Final confrontation with Bond and death at Atlantis
- "Yours too, Mr. Bond, yours too... and faster than you think."
- ― Stromberg's response to Bond's "Your time's up, Stromberg.", as well as his final line in the film before Bond kills him.
When Commander Carter gets orders from Washington to destroy Atlantis, Bond manages to convince him to wait for one hour to allow him to enter the aquatic fortress and save Amasova. After Bond arrives, Stromberg addresses the spy over the PA system and tells him that he will send the elevator down for him. Planning to drop his enemy into the shark tank, Stromberg is surprised to see that 007 has evaded his trap by keeping his feet off the floor. Arriving safely at Stromberg's living quarters, Bond sits down at the dining table, opposite Stromberg. The criminal then tries to shoot Bond with a hidden torpedo gun attached under the table, but Bond evades the missile and returns fire.
- "You've shot your bolt, Stromberg. Now it's my turn."
- ― James Bond, before killing Stromberg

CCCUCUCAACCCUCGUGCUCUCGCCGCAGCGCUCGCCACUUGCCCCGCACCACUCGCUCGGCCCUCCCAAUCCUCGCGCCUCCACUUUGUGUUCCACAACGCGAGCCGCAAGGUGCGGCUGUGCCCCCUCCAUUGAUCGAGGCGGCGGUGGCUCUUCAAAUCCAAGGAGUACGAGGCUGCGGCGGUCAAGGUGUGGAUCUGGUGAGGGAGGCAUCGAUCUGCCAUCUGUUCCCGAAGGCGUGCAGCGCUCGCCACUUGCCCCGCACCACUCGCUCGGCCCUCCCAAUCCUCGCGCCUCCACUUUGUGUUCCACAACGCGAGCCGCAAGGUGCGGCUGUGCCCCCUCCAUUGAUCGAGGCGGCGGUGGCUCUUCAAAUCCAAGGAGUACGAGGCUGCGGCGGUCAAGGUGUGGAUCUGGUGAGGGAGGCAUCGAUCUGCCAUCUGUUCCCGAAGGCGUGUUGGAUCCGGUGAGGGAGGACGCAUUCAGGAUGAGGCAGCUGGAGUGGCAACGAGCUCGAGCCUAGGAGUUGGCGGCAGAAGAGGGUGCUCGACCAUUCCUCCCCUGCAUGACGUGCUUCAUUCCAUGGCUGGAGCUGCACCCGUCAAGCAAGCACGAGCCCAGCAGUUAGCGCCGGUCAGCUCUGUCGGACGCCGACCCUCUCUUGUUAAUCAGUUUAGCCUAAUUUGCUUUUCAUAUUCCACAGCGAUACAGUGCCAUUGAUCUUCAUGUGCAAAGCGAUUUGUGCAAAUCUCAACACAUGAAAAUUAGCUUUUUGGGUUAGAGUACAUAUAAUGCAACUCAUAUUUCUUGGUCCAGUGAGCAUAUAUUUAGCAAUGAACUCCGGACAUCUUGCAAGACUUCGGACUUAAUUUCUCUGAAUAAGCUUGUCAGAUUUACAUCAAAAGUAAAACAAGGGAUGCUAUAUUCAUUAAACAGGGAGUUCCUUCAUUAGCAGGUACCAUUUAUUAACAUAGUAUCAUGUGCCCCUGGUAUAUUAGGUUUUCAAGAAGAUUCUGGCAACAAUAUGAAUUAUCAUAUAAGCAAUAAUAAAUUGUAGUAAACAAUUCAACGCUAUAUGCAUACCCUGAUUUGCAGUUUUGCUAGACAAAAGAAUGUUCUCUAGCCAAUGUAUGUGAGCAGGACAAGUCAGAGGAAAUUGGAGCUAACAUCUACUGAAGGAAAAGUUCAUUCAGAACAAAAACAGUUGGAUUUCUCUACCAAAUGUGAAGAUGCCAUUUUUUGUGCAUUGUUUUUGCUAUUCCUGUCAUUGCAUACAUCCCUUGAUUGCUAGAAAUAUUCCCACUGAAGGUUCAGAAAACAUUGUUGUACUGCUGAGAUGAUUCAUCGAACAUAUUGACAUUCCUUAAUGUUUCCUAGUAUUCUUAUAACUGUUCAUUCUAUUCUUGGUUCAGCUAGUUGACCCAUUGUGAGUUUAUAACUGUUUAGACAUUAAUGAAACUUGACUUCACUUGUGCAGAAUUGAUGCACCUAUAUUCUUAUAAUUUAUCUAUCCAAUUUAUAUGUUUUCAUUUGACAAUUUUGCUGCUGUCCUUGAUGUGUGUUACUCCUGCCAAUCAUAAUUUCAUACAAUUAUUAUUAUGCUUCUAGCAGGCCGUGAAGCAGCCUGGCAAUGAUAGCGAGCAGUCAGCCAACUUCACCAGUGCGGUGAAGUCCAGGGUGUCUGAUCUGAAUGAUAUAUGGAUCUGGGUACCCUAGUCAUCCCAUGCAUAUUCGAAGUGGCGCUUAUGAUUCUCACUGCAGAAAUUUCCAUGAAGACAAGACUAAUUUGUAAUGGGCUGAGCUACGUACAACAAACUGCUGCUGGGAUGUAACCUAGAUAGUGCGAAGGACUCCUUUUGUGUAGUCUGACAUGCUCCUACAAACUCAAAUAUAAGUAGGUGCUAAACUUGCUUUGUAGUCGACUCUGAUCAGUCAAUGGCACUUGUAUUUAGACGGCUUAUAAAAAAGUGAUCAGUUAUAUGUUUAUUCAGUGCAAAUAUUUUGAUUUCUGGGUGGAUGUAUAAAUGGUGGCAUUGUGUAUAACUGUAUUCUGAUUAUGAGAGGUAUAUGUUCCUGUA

Bond coolly aims his gun underneath the table, then exercises his licence to kill by shooting Stromberg two times in the crotch, once in the chest, and finally on the head, killing him. He then proceeds to rescue Amasova and they leave in an escape pod before Atlantis is torpedoed and sinks to the bottom of sea, giving the deceased Stromberg a burial at sea.
In the novelisation of The Spy Who Loved Me, Stromberg is written as a new character called Sigmund Stromberg. Here, he is bald, with no eyebrows, as opposed to the head of grey hair he sports in the film. Furthermore, his webbed hands do not appear, except for the third and fourth fingers of his left hand. He is also given an extensive introduction, explaining how he acquired his wealth, including assassinating eight European criminal leaders and a Greek shipping magnate, inheriting the dead men's interests and power. Following a similar plot to the film, Stromberg and his company suffer the same fate as their cinematic counterparts.
The 2008 mobile video-game James Bond: Top Agent pits the player's character against Stromberg and closely follows the plot of the 1977 film. Starting with the capture of the American submarine USS Wayne, the player fights turn-based, one-on-one battles with Stromberg's men - attempting to cross the Liparus submarine dock, release the prisoners and apprehend the villain before he either escapes or launches the stolen nuclear weapons.